One Best Idea: Diversified Asset Allocation with an Equity Bias

In May of this year, this investing world lost one it’s brightest lights in the passing of David Swenson, famed for his 36-year stint managing Yale University’s investment office. Serving in this role from 1985 to 2021, Swenson achieved annual returns averaging 13.7%, a figure which represented outperformance of the average endowment[1] by 3.4% per year. After subtracting the almost $22 billion in endowment funds that were invested in Yale operations over the period, the $1.3 billion Swenson inherited in 1985 was worth right at $42 billion just after his passing.

Swenson gained his small measure of investing fame allocating an endowment, but he was equally adept in the area of personal investment and his Unconventional Success: A Fundamental Approach to Personal Investment is a modern investment classic.

According to Swenson, the investor has three tools to employ in generating investment returns:

  1. asset allocation
  2. market timing, and
  3. security selection.

For most investors, attempts to utilize tools 2 and 3 will “most likely interfere with long-term goals.” Because this is demonstrably true of market timing and security selection (aka, stock picking), Swenson believes investors should “deemphasize” these factors and “emphasize” the lone factor most likely to contribute to long-term investment goals – asset allocation. “Asset allocation refers to the long-term decision regarding the proportion of assets that an investor chooses to place in particular classes of investments.” How do we for example spread our bets among the following:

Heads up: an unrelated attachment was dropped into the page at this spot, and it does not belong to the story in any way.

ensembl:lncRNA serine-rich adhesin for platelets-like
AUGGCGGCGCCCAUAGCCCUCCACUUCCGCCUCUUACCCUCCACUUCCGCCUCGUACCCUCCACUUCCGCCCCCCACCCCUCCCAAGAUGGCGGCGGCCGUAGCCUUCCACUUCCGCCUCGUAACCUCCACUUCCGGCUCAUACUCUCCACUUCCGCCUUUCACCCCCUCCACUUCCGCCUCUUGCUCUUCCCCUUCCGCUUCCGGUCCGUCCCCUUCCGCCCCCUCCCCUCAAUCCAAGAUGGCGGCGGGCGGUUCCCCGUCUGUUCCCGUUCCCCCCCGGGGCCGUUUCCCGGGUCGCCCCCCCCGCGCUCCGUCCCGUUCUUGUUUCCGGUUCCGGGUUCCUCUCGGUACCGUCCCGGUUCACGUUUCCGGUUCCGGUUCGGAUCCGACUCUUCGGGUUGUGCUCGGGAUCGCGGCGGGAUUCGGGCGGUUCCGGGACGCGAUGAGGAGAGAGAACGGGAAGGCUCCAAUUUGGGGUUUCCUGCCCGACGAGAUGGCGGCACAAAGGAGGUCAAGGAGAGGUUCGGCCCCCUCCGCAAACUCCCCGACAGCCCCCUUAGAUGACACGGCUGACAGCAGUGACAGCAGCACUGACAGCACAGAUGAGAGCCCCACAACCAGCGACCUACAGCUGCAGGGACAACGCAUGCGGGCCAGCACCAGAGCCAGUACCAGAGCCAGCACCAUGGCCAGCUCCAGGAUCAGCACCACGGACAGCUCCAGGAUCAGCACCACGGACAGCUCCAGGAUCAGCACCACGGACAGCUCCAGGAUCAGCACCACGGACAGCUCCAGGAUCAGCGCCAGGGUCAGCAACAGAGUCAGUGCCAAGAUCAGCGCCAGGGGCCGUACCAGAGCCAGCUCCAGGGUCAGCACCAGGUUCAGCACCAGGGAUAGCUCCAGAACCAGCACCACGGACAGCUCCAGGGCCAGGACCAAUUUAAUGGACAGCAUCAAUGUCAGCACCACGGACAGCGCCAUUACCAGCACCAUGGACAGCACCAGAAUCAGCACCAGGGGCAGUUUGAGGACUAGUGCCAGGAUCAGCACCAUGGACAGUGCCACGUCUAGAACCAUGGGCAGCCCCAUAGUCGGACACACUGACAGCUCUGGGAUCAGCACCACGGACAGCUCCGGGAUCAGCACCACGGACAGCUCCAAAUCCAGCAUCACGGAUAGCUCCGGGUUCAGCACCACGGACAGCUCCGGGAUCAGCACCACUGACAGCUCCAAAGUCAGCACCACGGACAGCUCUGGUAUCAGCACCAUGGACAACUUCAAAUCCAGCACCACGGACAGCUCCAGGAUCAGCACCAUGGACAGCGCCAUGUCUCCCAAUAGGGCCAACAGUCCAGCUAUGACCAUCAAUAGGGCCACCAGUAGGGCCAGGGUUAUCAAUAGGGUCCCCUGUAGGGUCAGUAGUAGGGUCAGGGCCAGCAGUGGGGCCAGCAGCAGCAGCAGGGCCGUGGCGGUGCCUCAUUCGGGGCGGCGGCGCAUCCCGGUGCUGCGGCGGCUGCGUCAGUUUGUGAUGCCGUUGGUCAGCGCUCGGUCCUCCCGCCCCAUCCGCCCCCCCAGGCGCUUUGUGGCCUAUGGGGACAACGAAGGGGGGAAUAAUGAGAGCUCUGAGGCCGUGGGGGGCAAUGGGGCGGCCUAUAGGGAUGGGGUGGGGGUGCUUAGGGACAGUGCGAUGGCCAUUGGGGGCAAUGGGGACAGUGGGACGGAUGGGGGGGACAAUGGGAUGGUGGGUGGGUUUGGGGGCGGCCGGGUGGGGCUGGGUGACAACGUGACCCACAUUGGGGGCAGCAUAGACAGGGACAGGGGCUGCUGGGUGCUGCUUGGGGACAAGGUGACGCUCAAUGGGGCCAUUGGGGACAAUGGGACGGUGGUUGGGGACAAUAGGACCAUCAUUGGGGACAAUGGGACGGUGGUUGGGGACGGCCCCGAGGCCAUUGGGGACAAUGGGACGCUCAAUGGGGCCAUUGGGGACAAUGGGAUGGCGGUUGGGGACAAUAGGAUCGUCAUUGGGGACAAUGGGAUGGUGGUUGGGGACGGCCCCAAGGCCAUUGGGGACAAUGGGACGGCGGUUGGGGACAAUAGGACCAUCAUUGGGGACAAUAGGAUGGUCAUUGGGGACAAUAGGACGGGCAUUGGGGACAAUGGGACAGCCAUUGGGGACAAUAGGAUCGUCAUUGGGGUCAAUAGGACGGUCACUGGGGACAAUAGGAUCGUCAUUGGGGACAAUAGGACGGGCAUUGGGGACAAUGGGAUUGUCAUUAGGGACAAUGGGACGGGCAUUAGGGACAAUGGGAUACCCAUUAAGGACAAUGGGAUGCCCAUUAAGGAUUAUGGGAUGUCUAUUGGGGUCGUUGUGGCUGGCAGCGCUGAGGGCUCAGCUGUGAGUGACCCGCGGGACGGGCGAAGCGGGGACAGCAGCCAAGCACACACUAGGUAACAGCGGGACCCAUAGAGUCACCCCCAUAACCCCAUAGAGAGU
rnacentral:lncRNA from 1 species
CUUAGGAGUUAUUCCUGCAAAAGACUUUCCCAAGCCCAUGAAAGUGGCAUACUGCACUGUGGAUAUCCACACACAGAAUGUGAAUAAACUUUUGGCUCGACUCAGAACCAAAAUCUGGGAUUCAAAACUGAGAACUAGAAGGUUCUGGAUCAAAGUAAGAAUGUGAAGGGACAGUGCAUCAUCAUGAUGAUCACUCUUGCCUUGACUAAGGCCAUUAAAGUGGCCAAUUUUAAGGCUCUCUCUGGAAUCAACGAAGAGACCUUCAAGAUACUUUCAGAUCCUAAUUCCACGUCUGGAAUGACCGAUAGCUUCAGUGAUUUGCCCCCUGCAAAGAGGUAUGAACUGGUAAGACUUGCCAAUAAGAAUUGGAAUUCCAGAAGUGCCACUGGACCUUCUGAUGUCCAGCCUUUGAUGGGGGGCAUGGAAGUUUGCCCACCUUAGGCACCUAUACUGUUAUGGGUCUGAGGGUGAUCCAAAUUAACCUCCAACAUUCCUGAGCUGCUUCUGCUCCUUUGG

US Equities  (small cap / large cap) Nominal Treasuries
International Equities (developed / emerging) Investment Grade Corporate Bonds
Real Estate (REITS / Farmland) Junk Bonds
Private Equity Inflation-indexed Bonds
Commodities (Gold / Industrial) Preferred Securities
Cash Tulip Bulbs & Beanie Babies

Swenson holds that the relatively boring discipline of asset allocation plays the central role in investment returns for the average investor. So, if asset allocation matters so much and we are looking into the mind of a master in asset allocation, what are his basic investment principles?

Swenson shares three for portfolio construction:

  • Pronounced Equity Bias[2] (more wealth creation)
  • Substantial Diversification[3] (more stable returns)
  • Tax Efficiency (better after-tax returns)

#1 – Pronounced Equity Bias

Today, this bias will come easy for many with most stock indices near all-time highs, a time in which discussion of the TINA[4] trade has become ubiquitous. The greater risk at this moment may be that many investors have a large allocation to equities ill-suited to their market experience and true risk tolerance, a tolerance understood well only when returns are negative and headlines are dire. For an extended period, being overweight equities has been the right place to be in light of the risk-reward offered across asset classes, but investors must remain diligent to ensure that their allocation is appropriate in light of their own risk capacity, risk need and risk tolerance. When these aren’t well understood and well aligned, the market’s roller coaster action ensures that bad things will happen. As Swenson puts it, “explicit specification of risk preferences outlines the parameters within which investors sensibly operate … reasonable self-awareness increase(s) the likelihood of investment success.” Your asset allocation should closely match your preferences, needs, goals and risk tolerance, but a focus on strong wealth creation over time will call for an equity bias.